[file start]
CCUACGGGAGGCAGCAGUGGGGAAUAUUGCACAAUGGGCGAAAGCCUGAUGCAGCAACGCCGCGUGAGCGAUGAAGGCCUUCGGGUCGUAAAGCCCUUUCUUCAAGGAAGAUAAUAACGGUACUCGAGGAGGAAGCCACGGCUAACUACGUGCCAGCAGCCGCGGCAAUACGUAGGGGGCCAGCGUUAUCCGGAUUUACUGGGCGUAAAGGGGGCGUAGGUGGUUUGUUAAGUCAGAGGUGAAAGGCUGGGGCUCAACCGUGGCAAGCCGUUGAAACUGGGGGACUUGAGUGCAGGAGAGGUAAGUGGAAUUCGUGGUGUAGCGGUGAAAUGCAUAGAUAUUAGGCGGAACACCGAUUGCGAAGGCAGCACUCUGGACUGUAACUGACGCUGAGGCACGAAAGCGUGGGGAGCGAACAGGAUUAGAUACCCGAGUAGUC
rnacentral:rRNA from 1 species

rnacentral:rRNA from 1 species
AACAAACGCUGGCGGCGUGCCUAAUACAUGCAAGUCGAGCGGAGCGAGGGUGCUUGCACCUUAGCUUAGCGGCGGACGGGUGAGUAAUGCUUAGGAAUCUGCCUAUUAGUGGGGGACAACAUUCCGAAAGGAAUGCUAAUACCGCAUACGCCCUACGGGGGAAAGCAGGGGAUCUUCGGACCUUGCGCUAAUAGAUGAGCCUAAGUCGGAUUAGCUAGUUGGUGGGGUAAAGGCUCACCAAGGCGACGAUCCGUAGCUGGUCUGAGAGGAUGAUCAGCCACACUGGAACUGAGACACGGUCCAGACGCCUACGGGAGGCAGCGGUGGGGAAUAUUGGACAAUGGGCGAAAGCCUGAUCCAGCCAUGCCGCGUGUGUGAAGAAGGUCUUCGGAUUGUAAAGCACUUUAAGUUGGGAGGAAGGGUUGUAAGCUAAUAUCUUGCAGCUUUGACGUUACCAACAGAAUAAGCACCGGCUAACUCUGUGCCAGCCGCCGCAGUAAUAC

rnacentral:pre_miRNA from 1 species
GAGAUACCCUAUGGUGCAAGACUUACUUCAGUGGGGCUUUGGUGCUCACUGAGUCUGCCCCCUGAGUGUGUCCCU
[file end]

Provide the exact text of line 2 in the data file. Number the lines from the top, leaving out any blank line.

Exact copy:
rnacentral:rRNA from 1 species